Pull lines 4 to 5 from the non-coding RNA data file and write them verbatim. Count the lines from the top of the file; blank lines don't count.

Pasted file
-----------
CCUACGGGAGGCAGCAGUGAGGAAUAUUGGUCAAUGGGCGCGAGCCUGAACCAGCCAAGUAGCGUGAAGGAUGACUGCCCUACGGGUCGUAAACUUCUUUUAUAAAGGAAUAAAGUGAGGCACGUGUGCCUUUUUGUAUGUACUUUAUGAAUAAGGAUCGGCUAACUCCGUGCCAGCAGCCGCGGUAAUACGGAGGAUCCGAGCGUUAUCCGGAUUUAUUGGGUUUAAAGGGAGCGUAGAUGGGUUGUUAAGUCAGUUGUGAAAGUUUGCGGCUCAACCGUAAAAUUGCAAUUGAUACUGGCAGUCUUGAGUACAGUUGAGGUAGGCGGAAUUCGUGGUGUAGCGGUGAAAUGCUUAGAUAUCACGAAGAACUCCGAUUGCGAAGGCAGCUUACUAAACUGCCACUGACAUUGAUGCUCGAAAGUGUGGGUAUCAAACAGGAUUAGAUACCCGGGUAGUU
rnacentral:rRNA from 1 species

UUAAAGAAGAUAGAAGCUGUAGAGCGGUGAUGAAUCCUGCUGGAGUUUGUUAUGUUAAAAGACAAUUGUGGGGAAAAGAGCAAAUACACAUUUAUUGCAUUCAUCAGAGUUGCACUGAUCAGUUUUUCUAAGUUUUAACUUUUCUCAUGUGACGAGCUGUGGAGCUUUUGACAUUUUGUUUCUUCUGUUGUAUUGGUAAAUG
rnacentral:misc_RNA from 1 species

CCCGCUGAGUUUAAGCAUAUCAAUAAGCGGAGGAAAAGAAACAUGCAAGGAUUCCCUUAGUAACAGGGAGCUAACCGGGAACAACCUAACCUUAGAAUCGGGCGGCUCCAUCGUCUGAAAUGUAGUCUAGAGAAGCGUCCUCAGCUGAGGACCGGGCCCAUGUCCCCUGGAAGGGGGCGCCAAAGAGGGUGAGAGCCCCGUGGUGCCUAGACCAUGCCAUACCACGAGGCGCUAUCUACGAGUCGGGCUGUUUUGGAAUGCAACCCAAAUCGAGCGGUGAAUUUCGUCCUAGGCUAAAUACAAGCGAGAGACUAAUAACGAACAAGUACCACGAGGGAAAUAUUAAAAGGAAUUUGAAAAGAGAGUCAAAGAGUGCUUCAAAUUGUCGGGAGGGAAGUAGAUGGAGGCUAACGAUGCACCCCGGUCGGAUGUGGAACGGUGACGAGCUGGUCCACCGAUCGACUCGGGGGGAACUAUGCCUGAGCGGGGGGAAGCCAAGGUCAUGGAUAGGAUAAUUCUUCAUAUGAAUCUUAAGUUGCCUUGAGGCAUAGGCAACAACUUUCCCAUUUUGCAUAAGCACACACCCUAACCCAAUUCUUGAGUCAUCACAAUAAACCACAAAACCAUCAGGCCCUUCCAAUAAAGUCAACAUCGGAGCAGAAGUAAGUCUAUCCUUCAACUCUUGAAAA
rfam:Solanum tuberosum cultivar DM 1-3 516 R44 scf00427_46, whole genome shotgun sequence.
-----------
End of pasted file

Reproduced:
rnacentral:misc_RNA from 1 species

CCCGCUGAGUUUAAGCAUAUCAAUAAGCGGAGGAAAAGAAACAUGCAAGGAUUCCCUUAGUAACAGGGAGCUAACCGGGAACAACCUAACCUUAGAAUCGGGCGGCUCCAUCGUCUGAAAUGUAGUCUAGAGAAGCGUCCUCAGCUGAGGACCGGGCCCAUGUCCCCUGGAAGGGGGCGCCAAAGAGGGUGAGAGCCCCGUGGUGCCUAGACCAUGCCAUACCACGAGGCGCUAUCUACGAGUCGGGCUGUUUUGGAAUGCAACCCAAAUCGAGCGGUGAAUUUCGUCCUAGGCUAAAUACAAGCGAGAGACUAAUAACGAACAAGUACCACGAGGGAAAUAUUAAAAGGAAUUUGAAAAGAGAGUCAAAGAGUGCUUCAAAUUGUCGGGAGGGAAGUAGAUGGAGGCUAACGAUGCACCCCGGUCGGAUGUGGAACGGUGACGAGCUGGUCCACCGAUCGACUCGGGGGGAACUAUGCCUGAGCGGGGGGAAGCCAAGGUCAUGGAUAGGAUAAUUCUUCAUAUGAAUCUUAAGUUGCCUUGAGGCAUAGGCAACAACUUUCCCAUUUUGCAUAAGCACACACCCUAACCCAAUUCUUGAGUCAUCACAAUAAACCACAAAACCAUCAGGCCCUUCCAAUAAAGUCAACAUCGGAGCAGAAGUAAGUCUAUCCUUCAACUCUUGAAAA